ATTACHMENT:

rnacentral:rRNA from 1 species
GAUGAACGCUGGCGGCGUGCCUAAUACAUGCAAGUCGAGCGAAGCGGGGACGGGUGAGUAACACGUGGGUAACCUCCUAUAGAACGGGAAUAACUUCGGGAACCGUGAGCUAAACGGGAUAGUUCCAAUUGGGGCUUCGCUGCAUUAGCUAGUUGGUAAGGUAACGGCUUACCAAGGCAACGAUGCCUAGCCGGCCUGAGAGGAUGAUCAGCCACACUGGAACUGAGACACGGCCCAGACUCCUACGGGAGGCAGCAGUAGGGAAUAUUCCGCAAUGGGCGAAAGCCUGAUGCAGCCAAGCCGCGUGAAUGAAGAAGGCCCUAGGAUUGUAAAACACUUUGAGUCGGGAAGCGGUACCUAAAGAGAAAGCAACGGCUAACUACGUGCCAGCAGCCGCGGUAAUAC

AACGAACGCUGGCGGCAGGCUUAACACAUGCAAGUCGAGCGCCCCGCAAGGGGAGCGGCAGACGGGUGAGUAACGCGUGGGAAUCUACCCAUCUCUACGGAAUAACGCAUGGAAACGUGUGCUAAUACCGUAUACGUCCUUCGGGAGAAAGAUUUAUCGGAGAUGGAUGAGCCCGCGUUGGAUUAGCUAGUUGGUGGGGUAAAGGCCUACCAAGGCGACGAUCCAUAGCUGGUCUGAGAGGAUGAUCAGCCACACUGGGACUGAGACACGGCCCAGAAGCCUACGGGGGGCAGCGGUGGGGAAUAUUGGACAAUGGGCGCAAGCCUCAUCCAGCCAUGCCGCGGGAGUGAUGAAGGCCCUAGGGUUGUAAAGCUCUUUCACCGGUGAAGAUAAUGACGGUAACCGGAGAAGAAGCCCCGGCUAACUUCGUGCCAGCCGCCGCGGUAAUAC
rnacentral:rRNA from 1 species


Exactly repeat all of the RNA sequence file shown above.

rnacentral:rRNA from 1 species
GAUGAACGCUGGCGGCGUGCCUAAUACAUGCAAGUCGAGCGAAGCGGGGACGGGUGAGUAACACGUGGGUAACCUCCUAUAGAACGGGAAUAACUUCGGGAACCGUGAGCUAAACGGGAUAGUUCCAAUUGGGGCUUCGCUGCAUUAGCUAGUUGGUAAGGUAACGGCUUACCAAGGCAACGAUGCCUAGCCGGCCUGAGAGGAUGAUCAGCCACACUGGAACUGAGACACGGCCCAGACUCCUACGGGAGGCAGCAGUAGGGAAUAUUCCGCAAUGGGCGAAAGCCUGAUGCAGCCAAGCCGCGUGAAUGAAGAAGGCCCUAGGAUUGUAAAACACUUUGAGUCGGGAAGCGGUACCUAAAGAGAAAGCAACGGCUAACUACGUGCCAGCAGCCGCGGUAAUAC

AACGAACGCUGGCGGCAGGCUUAACACAUGCAAGUCGAGCGCCCCGCAAGGGGAGCGGCAGACGGGUGAGUAACGCGUGGGAAUCUACCCAUCUCUACGGAAUAACGCAUGGAAACGUGUGCUAAUACCGUAUACGUCCUUCGGGAGAAAGAUUUAUCGGAGAUGGAUGAGCCCGCGUUGGAUUAGCUAGUUGGUGGGGUAAAGGCCUACCAAGGCGACGAUCCAUAGCUGGUCUGAGAGGAUGAUCAGCCACACUGGGACUGAGACACGGCCCAGAAGCCUACGGGGGGCAGCGGUGGGGAAUAUUGGACAAUGGGCGCAAGCCUCAUCCAGCCAUGCCGCGGGAGUGAUGAAGGCCCUAGGGUUGUAAAGCUCUUUCACCGGUGAAGAUAAUGACGGUAACCGGAGAAGAAGCCCCGGCUAACUUCGUGCCAGCCGCCGCGGUAAUAC
rnacentral:rRNA from 1 species